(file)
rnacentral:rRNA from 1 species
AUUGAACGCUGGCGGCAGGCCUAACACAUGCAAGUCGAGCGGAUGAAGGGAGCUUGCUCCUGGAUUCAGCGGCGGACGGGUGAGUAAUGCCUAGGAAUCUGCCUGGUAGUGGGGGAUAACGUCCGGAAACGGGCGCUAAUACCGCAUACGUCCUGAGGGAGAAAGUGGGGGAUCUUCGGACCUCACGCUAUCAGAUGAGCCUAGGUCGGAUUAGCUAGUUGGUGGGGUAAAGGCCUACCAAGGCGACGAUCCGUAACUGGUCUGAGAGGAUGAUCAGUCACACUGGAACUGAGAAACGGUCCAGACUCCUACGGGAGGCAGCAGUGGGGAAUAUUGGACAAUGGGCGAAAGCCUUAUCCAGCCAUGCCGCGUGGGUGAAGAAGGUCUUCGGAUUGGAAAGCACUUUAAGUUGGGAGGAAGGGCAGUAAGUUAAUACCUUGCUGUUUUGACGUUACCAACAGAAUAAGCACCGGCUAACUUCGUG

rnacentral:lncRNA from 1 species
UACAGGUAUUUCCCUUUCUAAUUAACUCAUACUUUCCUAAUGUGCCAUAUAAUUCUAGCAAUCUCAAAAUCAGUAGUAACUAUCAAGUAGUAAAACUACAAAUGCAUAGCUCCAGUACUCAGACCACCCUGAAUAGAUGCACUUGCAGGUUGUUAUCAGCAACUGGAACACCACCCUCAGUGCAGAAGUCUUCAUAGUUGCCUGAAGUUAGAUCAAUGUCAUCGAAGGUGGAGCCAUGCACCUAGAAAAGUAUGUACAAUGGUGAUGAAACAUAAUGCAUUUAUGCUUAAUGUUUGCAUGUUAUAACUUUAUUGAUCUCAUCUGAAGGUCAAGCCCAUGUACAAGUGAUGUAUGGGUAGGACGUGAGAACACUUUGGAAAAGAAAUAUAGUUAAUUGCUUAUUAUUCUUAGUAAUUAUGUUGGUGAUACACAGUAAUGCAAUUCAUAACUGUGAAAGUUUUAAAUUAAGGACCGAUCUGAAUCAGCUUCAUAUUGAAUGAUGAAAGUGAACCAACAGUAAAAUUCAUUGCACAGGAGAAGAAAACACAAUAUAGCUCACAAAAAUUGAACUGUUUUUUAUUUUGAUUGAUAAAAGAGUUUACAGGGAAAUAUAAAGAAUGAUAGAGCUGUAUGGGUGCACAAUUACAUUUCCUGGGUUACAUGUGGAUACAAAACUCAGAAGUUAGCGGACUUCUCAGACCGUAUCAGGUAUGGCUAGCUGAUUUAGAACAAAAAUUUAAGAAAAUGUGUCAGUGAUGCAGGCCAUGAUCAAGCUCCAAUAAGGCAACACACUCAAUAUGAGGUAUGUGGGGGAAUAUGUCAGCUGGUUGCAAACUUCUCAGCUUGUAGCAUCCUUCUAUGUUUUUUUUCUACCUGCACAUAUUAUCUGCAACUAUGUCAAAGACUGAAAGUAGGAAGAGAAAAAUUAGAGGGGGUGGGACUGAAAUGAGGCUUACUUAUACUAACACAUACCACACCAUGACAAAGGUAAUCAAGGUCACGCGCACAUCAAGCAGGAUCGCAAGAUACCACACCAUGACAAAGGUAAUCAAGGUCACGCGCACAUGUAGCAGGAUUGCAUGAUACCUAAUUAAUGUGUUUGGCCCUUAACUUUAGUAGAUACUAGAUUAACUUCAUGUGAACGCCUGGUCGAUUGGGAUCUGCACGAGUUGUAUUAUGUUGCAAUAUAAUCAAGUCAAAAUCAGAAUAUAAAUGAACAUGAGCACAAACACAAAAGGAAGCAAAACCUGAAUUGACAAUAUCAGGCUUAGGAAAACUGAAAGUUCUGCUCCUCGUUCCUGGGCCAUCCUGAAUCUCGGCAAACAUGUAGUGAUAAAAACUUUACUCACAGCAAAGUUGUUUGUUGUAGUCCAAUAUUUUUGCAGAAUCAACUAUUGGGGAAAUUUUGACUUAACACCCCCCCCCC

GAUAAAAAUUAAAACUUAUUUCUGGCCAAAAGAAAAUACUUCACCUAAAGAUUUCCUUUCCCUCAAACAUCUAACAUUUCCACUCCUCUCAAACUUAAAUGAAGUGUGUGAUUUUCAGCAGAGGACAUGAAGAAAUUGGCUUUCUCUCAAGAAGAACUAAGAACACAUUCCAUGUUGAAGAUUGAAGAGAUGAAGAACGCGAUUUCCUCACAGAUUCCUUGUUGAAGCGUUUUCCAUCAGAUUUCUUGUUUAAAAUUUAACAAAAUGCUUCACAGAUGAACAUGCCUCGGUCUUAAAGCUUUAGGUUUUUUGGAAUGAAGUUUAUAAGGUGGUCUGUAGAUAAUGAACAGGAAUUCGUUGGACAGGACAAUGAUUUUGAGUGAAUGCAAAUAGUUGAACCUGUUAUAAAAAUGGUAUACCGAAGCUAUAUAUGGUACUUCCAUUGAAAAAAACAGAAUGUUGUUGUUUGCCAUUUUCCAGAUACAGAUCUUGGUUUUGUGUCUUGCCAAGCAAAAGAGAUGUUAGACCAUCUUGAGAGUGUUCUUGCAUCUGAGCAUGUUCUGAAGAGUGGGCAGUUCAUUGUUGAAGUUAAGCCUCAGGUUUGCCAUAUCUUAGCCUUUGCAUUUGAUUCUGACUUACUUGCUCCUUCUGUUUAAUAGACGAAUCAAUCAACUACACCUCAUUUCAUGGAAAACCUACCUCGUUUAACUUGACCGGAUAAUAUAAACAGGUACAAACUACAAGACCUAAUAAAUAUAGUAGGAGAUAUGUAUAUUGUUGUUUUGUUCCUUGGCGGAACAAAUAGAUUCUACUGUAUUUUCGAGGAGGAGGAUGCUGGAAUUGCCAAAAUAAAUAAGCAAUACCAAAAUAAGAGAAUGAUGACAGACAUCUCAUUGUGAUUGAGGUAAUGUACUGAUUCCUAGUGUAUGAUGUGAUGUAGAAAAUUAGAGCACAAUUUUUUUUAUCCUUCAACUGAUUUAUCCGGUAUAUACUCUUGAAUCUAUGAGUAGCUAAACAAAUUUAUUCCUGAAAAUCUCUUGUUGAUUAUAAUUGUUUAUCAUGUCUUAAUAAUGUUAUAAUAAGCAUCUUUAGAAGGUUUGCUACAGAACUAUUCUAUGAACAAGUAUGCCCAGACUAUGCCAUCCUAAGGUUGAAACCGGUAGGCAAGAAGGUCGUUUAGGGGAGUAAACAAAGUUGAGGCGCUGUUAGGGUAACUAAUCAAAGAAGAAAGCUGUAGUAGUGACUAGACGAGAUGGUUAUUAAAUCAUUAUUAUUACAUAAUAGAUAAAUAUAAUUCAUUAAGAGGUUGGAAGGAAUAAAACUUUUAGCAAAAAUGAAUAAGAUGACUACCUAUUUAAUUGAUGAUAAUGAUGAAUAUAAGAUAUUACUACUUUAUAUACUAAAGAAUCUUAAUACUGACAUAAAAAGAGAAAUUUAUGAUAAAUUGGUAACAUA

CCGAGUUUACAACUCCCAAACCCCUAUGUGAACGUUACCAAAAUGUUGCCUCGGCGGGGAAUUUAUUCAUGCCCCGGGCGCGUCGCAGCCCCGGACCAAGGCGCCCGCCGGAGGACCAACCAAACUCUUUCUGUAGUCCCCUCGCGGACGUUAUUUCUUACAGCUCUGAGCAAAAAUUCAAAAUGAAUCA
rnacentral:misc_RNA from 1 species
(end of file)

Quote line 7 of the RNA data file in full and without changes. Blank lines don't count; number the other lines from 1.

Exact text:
rnacentral:misc_RNA from 1 species